Rabbi Aaron Katchen considers the debate as to whether the Torah is presented in chronological order or not Rabbi Michal Shekel pinpoints the moment when Jews went from being commanded to feeling commanded Rabbi Howard Morrison recalls a secret mission he
One of the most famous medieval rabbinic debates centres on the ordering of the Torah. Is the Torah presented in chronological order, or does it juxtapose events thematically? This week’s parshah underscores this debate, by presenting the commandment to build the Mishkan (the mobile Tabernacle) before the sin of the golden calf, which appears later in the Torah.
Rashi (12th-centry France) takes the view that the story of the golden calf preceded the commandment to build the Mishkan. The stories are thematically connected: gold given to build the calf and gold given to construct the Mishkan; the sin offering after the construction of the Mishkan was to be a bull and a calf; the narrative of the Mishkan indicates a place where God can dwell among the people, as a response to the nation’s feelings of abandonment that instigated the construction of the calf.
The sin of the golden calf caused God’s presence to leave the Jewish people, and the construction of the Mishkan was so “that I will dwell in their midst” (Exodus 25:8).
The Ramban (13th-century Spain) considers the Torah to be presented in order. The commandment to build the Mishkan was given as a place to house the Ark that holds the Torah. Chronologically, the Torah had just been given to the Jewish People.
I had often understood, based on Rashi, that if not for the sin of the golden calf, we would not have needed the Mishkan to connect with God. I now see that the need for a holy place, Mikdash, was always there. The ideal reason for the construction was for the Jewish People to have a way to seek God and express their love and gratitude to God. After the sin of the golden calf, the theme flipped, and the focus became more about seeking forgiveness from God, and bringing God back down to us after our actions sent God away.
Rabbi Aaron Katchen directs Ask Big Questions Canada and is the rabbi at the Mizrachi Bayit in Toronto.
What you do changes you. This is true whether you participate in a single event, such as the recent Rings of Peace that were formed around local mosques, or regularly volunteer in a program such as Out of the Cold. Your experience inevitably enriches your outlook on matters and influences your conduct.
We are what we do, and it all started with the book of Shmot. My teacher, Rabbi Norman Cohen, summarized the book of Exodus by saying that it begins with our building structures for Pharaoh and ends with our building a structure for God: the Mishkan (Tabernacle).
The Tabernacle is so important that pretty much the rest of the book of Exodus, some 15 chapters, is devoted to its construction. Compare this with a mere 31 verses recounting the creation of the world.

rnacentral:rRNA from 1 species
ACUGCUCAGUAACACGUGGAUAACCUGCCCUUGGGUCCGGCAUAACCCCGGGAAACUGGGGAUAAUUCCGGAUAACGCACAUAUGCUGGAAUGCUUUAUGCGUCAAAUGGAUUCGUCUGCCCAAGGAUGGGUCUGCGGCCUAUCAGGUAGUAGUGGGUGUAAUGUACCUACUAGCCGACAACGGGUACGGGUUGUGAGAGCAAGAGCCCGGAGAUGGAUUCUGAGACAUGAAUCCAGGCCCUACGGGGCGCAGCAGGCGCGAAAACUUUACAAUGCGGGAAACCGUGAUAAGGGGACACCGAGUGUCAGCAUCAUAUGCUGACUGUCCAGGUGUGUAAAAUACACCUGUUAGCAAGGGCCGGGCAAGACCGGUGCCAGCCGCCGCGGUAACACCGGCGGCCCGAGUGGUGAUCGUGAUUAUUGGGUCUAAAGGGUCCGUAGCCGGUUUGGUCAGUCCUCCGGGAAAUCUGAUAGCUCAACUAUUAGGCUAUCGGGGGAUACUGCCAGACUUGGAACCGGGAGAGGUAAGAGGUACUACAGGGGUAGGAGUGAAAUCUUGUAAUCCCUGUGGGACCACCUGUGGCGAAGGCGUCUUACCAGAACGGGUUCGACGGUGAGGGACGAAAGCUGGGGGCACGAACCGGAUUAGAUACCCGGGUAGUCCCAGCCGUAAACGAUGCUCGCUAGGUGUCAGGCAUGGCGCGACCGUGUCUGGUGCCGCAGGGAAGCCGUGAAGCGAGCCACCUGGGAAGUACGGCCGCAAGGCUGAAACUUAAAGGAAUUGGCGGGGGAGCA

In Exodus 25:8, God commands us to build the Tabernacle by saying: “And let them make Me a sanctuary that I may dwell among them (betocham).” Numerous commentators point out the surprising use of the Hebrew betocham, “within them.” It would make better sense if it read “betocho,” meaning to dwell “within it.”
In Torah Today, Rabbi Pinhas Peli explained that the purpose of our building the Tabernacle was “to convert the people from passive participants in their relationship to the Lord, as constant recipients of His gifts, into active partners.”
Parshat Trumah delineates the point where we have stopped working for Pharaoh and are now serving God. Betocham, dwelling “within them,” indicates that we have internalized God’s desire. We have gone from being commanded to feeling commanded. In being commanded we perform tasks because we have to do so, be it hesitantly or willingly. In feeling commanded we seek out opportunities to do mitzvot, wholeheartedly embracing our God-given tasks.
Rabbi Michal Shekel is the executive director of the Toronto Board of Rabbis and spiritual leader of Har Tikvah Congregation in Brampton, Ont.
Parshat Trumah brings back fond memories. My younger brother celebrated his bar mitzvah in the Boston area by reading this parshah. The major theme of Trumah can be spelled as architecture or “Ark – itecture.” The Torah reading revolves around the blueprint and design for the Mishkan, the portable Tabernacle. My father marvelled at Trumah because he was an architect by trade and was involved in the construction of my childhood synagogue.
On one Shabbat in my childhood shul, as the Ark was being opened on Shabbat, a Torah scroll began to fall out of place. Fortunately, the scroll was caught. A few nights later, my dad and I secretly went to the synagogue, and my father fastened golden link chains around each Torah scroll. No one knew what he had done. On the following Shabbat when the Ark was opened, the congregation stood in awe as the glow of the golden link chains resonated.
My father had donated golden chains to preserve the Torahs in his synagogue. Parshat Trumah begins by itemizing different levels of donations, beginning with gold, silver and brass.
Our sages, of blessed memory, point out that the Hebrew words for these three substances – zahav, kesef,
nechoshet – also serve as an abbreviation for the days on which the Torah is read. The letters of zahav are numerically seven, five and two, the days of the week on which the Torah is read. The letters in the words, kesef and
nechoshet stand for the holidays of the year on which the Torah is read: (Yom) Kippur, Sukkot, Pesach/purim;
ner (the light of ) Chanukah, (Rosh) Chodesh, Shavuot, Shmini Atzeret, Simchat Torah and taaniyot (the fast days).
As we read about the original building plan for the first Jewish house of worship, may we draw nearer to the Ark, the Torahs within, and the timely and timeless lessons in our Torah.
Rabbi Howard Morrison is senior rabbi – mara d’atra at Beth Emethbais Yehuda Synagogue in Toronto.